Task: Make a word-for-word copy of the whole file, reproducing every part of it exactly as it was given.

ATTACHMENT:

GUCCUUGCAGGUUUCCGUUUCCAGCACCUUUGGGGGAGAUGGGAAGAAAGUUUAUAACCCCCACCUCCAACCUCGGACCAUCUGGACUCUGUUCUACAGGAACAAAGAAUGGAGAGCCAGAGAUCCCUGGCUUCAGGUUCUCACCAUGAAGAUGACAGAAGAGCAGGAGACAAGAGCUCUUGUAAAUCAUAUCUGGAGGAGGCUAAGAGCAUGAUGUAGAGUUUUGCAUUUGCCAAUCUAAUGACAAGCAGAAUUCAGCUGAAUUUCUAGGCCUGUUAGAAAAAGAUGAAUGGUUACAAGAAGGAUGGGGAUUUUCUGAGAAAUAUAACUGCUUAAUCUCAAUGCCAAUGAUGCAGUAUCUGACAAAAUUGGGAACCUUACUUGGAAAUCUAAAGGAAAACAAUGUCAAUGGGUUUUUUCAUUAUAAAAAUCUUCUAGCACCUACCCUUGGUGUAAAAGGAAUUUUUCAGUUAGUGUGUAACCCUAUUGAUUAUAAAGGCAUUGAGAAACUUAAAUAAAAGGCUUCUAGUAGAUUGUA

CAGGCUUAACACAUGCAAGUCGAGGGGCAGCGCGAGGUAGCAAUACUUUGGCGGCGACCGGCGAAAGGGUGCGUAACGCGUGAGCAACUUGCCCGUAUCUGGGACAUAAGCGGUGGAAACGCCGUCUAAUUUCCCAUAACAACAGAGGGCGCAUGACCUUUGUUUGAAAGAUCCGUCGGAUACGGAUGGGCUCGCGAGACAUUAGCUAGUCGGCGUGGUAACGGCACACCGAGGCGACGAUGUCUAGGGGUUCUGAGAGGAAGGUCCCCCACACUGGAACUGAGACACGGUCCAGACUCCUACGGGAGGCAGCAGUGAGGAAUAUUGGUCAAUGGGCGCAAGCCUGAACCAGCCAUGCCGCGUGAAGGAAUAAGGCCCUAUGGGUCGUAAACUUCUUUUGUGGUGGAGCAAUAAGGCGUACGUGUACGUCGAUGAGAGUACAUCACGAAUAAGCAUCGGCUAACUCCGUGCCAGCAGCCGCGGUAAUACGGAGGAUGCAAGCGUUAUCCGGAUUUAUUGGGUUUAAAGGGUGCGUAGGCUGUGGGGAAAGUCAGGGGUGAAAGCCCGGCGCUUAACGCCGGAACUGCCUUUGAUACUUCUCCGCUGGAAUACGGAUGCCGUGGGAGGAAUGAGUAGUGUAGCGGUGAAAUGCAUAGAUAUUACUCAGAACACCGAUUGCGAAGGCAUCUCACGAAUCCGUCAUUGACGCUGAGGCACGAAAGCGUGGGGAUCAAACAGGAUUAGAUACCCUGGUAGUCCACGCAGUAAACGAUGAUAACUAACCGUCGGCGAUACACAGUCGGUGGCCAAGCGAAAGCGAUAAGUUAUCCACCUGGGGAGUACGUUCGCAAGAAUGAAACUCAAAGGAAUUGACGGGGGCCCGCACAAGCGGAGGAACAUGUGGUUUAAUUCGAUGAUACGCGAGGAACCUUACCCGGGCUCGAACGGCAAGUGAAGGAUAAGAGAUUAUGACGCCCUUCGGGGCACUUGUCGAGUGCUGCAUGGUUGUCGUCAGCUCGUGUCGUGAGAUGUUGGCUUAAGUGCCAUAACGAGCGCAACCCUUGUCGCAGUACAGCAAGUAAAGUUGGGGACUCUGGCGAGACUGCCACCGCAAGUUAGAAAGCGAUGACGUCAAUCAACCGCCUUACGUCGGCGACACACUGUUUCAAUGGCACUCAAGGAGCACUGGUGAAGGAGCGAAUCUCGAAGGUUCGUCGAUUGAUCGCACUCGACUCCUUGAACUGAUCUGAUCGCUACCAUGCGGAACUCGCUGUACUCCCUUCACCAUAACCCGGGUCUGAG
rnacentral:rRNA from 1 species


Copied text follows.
GUCCUUGCAGGUUUCCGUUUCCAGCACCUUUGGGGGAGAUGGGAAGAAAGUUUAUAACCCCCACCUCCAACCUCGGACCAUCUGGACUCUGUUCUACAGGAACAAAGAAUGGAGAGCCAGAGAUCCCUGGCUUCAGGUUCUCACCAUGAAGAUGACAGAAGAGCAGGAGACAAGAGCUCUUGUAAAUCAUAUCUGGAGGAGGCUAAGAGCAUGAUGUAGAGUUUUGCAUUUGCCAAUCUAAUGACAAGCAGAAUUCAGCUGAAUUUCUAGGCCUGUUAGAAAAAGAUGAAUGGUUACAAGAAGGAUGGGGAUUUUCUGAGAAAUAUAACUGCUUAAUCUCAAUGCCAAUGAUGCAGUAUCUGACAAAAUUGGGAACCUUACUUGGAAAUCUAAAGGAAAACAAUGUCAAUGGGUUUUUUCAUUAUAAAAAUCUUCUAGCACCUACCCUUGGUGUAAAAGGAAUUUUUCAGUUAGUGUGUAACCCUAUUGAUUAUAAAGGCAUUGAGAAACUUAAAUAAAAGGCUUCUAGUAGAUUGUA

CAGGCUUAACACAUGCAAGUCGAGGGGCAGCGCGAGGUAGCAAUACUUUGGCGGCGACCGGCGAAAGGGUGCGUAACGCGUGAGCAACUUGCCCGUAUCUGGGACAUAAGCGGUGGAAACGCCGUCUAAUUUCCCAUAACAACAGAGGGCGCAUGACCUUUGUUUGAAAGAUCCGUCGGAUACGGAUGGGCUCGCGAGACAUUAGCUAGUCGGCGUGGUAACGGCACACCGAGGCGACGAUGUCUAGGGGUUCUGAGAGGAAGGUCCCCCACACUGGAACUGAGACACGGUCCAGACUCCUACGGGAGGCAGCAGUGAGGAAUAUUGGUCAAUGGGCGCAAGCCUGAACCAGCCAUGCCGCGUGAAGGAAUAAGGCCCUAUGGGUCGUAAACUUCUUUUGUGGUGGAGCAAUAAGGCGUACGUGUACGUCGAUGAGAGUACAUCACGAAUAAGCAUCGGCUAACUCCGUGCCAGCAGCCGCGGUAAUACGGAGGAUGCAAGCGUUAUCCGGAUUUAUUGGGUUUAAAGGGUGCGUAGGCUGUGGGGAAAGUCAGGGGUGAAAGCCCGGCGCUUAACGCCGGAACUGCCUUUGAUACUUCUCCGCUGGAAUACGGAUGCCGUGGGAGGAAUGAGUAGUGUAGCGGUGAAAUGCAUAGAUAUUACUCAGAACACCGAUUGCGAAGGCAUCUCACGAAUCCGUCAUUGACGCUGAGGCACGAAAGCGUGGGGAUCAAACAGGAUUAGAUACCCUGGUAGUCCACGCAGUAAACGAUGAUAACUAACCGUCGGCGAUACACAGUCGGUGGCCAAGCGAAAGCGAUAAGUUAUCCACCUGGGGAGUACGUUCGCAAGAAUGAAACUCAAAGGAAUUGACGGGGGCCCGCACAAGCGGAGGAACAUGUGGUUUAAUUCGAUGAUACGCGAGGAACCUUACCCGGGCUCGAACGGCAAGUGAAGGAUAAGAGAUUAUGACGCCCUUCGGGGCACUUGUCGAGUGCUGCAUGGUUGUCGUCAGCUCGUGUCGUGAGAUGUUGGCUUAAGUGCCAUAACGAGCGCAACCCUUGUCGCAGUACAGCAAGUAAAGUUGGGGACUCUGGCGAGACUGCCACCGCAAGUUAGAAAGCGAUGACGUCAAUCAACCGCCUUACGUCGGCGACACACUGUUUCAAUGGCACUCAAGGAGCACUGGUGAAGGAGCGAAUCUCGAAGGUUCGUCGAUUGAUCGCACUCGACUCCUUGAACUGAUCUGAUCGCUACCAUGCGGAACUCGCUGUACUCCCUUCACCAUAACCCGGGUCUGAG
rnacentral:rRNA from 1 species